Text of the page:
By Mannix Porterfield
Compelling a witness to swear, or affirm, to tell the truth, the whole truth and nothing but the truth is already a device available to West Virginia lawmakers in quest of honest testimony before their committees.
This issue arose last week in Wheeling, where the Legislature met for interims in celebration of the state’s 150th birthday.
A new panel, the Senate Labor and Worker Safety Committee, wondered if it could call in witnesses and put them under oath and the threat of contempt for providing false testimony.
Actually, says Senate President Jeffrey Kessler, D-Marshall, no new law is needed, since West Virginia Code 4-1-6 permits this in both chambers.
“It also does permit the Legislature to subpoena witnesses to appear and attend, and to bring documents with them as well,” Kessler said.
“It’s not used regularly, probably because of the fact that it has the tendency to maybe have a chilling effect on people willing to come and testify. They think that if they make a mistake they could be held for false swearing.”
Kessler said the last time in memory that the Legislature resorted to this subpoena power was in the aftermath of the Sago mine disaster.
Anyone knowingly providing false testimony is subject to penalties, he noted.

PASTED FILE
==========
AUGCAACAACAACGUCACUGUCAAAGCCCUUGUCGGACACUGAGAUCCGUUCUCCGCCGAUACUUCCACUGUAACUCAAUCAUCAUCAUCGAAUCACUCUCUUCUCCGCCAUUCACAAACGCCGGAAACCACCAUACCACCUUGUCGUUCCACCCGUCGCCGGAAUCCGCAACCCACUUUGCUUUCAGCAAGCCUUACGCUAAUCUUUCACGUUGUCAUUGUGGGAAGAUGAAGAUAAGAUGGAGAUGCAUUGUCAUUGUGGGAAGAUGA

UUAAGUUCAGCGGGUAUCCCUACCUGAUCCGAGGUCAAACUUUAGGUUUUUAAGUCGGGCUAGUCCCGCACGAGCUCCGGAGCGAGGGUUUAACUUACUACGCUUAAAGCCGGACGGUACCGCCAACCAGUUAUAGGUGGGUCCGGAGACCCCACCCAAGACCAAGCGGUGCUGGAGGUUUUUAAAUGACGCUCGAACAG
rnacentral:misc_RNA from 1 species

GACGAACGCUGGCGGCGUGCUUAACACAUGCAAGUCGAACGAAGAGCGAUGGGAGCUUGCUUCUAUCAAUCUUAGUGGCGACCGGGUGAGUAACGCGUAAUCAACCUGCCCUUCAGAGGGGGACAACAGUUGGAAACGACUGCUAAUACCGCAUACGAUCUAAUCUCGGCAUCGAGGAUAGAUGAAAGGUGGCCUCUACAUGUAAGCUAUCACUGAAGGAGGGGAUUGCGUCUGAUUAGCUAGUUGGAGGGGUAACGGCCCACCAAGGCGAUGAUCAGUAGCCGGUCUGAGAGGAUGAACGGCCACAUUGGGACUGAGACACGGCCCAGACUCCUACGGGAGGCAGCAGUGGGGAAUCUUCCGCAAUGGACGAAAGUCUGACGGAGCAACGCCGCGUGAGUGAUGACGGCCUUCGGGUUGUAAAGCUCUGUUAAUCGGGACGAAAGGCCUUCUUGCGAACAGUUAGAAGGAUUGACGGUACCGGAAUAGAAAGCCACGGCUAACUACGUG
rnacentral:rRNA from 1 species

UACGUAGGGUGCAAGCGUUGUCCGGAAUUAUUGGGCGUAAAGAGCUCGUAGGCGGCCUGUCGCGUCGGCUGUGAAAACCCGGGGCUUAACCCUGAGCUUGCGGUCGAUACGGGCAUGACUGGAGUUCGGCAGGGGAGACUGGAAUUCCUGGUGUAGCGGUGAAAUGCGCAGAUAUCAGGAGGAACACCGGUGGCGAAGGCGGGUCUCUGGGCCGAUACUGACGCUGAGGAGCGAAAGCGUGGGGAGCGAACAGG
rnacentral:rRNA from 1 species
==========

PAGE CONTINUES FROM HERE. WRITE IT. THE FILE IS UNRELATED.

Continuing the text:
Under the same code section, a witness may take the 5th Amendment and be given immunity from prosecution, the Senate leader said.
Sen. Daniel Hall, D-Wyoming, vice chairman of the Labor and Worker Safety Committee, was pleased to learn of the legal authority to summons witnesses and put them under oath.
“It’s good to know that,” he said Thursday.
“I tell you right now, we had some people lying to us last session.”
That, he said, came before a committee working on an insurance issue.
Hall said the ability to force testimony could be necessary, if the new committee takes up labor and safety matters that are controversial, given his suspicions that some people in the past obviously were shading the truth.
Kessler said the Legislature can take the same approach as Congress when a witness refuses to appear for a hearing and hold that person in contempt.
“We want to get the truth,” he said.
“Our job as policy makers is always to make sound policy, based on accurate information. If we believe someone is knowingly, either deceiving us or hiding things, not being forthcoming in order for us to pass a law and that may jeopardize the health or safety of a particular individual or a segment of society, then I think we have a duty to make sue we get accurate information.”
Kessler said he hopes the Legislature doesn’t find it necessary to use subpoena power.
“I like to have an open and free process where folks are willing to come forward and give us the truth,” he said.
“It’s usually done more in the case of investigatory matters where the health and public safety is at issue.”
Kessler, like Hall, has reason to believe that some folks simply haven’t been honest when testifying at committees.
“I’ve taken a lot of things with a grain of salt that I’ve heard over the years,” he said.
“You know when you hear it. It’s like obscenity. You know when you hear or see it, that it just ain’t so.”